The Do's and Dont's before buying a laptop

December 14, 2018 19:00 PM Ayush Pandey


Buying a laptop is more of a commitment for a couple of years than it is an expense. The laptop that you want to buy needs to be featureful and good enough, yet coming in under the budget that you desire. If you were to research a bit about the laptop market, you are likely to find hundreds of models with a different configuration for the same laptop. And, there’s a usual confusion on what to choose between portability and power. In short, buying a laptop without adequate technical knowledge can be a daunting experience. Here are some of the tips that you might want to consider while shopping for a laptop:

1.     You don’t need the best processor

Yes. You DON’T need the best processor available out there. It’s a norm for retail shops and semi-tech people to tell you to hunt for Core i7 and not look anything below it, which is somewhat viable for people looking for raw performance. However, doing so could be a terrible decision for an average user. Focusing solely on the processor and performance while buying a laptop will lead to multiple compromises to be had on several other factors.

If your needs lie somewhere between watching movies, browsing the internet and managing files, a processor like Core i3 or even a newer Pentium can be good enough. It’s analogous to not buying a racing bike just for daily office-home commute needs – one would be better off with a budget-friendly bike or a scooter in this case.

Gamers and professionals who need more raw power might require a laptop with at least a quad-core processor. Latest 8th generation Intel Core processors are way faster than their predecessors. Even a new Core i5 8250U can be faster than a generation old Core i7 7500U in some scenarios. Newer Core i3 is faster than Core i7 from a couple of years ago. AMD’s new Ryzen Mobile processor combine best of both processing and graphics power in a single low TDP chip. Chances of being wrong while buying a laptop with the latest processor in it are pretty slim.

2.     Keyboard, display, and trackpad matters a lot more than you think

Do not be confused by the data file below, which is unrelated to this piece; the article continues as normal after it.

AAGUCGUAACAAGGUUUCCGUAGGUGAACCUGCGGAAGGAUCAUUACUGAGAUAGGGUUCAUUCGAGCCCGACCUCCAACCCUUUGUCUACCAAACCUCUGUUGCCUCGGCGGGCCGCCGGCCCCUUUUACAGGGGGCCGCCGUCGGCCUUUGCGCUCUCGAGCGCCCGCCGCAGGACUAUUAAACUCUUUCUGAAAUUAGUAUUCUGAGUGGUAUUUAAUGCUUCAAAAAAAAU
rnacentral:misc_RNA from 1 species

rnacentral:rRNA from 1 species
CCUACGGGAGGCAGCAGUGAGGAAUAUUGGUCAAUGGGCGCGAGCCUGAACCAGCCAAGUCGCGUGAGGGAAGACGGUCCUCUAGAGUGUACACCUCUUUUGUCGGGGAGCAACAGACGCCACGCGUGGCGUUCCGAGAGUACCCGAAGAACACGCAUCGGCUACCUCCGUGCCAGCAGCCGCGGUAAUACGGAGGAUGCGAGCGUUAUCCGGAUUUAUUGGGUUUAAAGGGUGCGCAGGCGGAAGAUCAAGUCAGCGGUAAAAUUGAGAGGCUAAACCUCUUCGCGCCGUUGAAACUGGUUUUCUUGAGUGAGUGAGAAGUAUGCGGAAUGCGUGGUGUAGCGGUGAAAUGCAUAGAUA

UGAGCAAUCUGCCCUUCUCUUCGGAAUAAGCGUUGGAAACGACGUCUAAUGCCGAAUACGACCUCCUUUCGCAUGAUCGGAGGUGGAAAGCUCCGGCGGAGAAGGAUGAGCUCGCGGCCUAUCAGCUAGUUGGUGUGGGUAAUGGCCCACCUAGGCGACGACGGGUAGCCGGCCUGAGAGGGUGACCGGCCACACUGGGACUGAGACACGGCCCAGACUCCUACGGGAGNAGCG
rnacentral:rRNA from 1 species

Bad keyboard, dim and color inaccurate display and jumpy trackpad will simply make using the laptop a terrible experience.

Keyboards need to last long and be comfortable. They can easily break and can be a chore to repair if broken. Read consumer reviews to make sure that the laptop that you’re going to buy has a durable keyboard. If you plan to type a lot, make sure that the keyboard has good key travel and a tactile feedback.

Display brightness and quality are two different parameters in which we can judge a display on. For a laptop to be visible and readable on a bright room, it must have 250+ nits of brightness. While 300+ nits of brightness would be ideal for every scenario, it’s not really that bad to opt for a laptop with around 250 nits of brightness. You can go through the specifications of the laptop to find out its brightness.

Quality, on the other hand, can be judged based on various factors. IPS display is better than TN panel. High resolution 1080p would be sharper than 768p display. Graphics professionals might require the display to be color accurate covering about 100% of the color gamut. Higher refresh rate than typical 60 Hz is pleasing to look at while costing significantly high.

Trackpads needs to be responsive, support multitouch gestures and be consistent. Check to see if the trackpad is comfortable enough for you to use before buying. Glass trackpads are generally more comfortable to use.

3.     What about RAM?

The answer to the question is pretty simple. If you’re an average user whose needs revolve around watching movies and browsing the internet, get a laptop with 4 GB or 8 GB of RAM. But make sure that you can upgrade the RAM later if you’re getting a 4 GB one.

If you’re a gamer and are buying a gaming laptop, it’s better to go for 16 GB. But you don’t really have to worry about having 8 GB RAM during purchase because most of the gaming laptops let you upgrade the RAM anyway.

Graphics professionals and video editors usually know what their workload needs. Their RAM requirement might range from being okay with 8 GB of it or wishing for more even with 16 GB installed.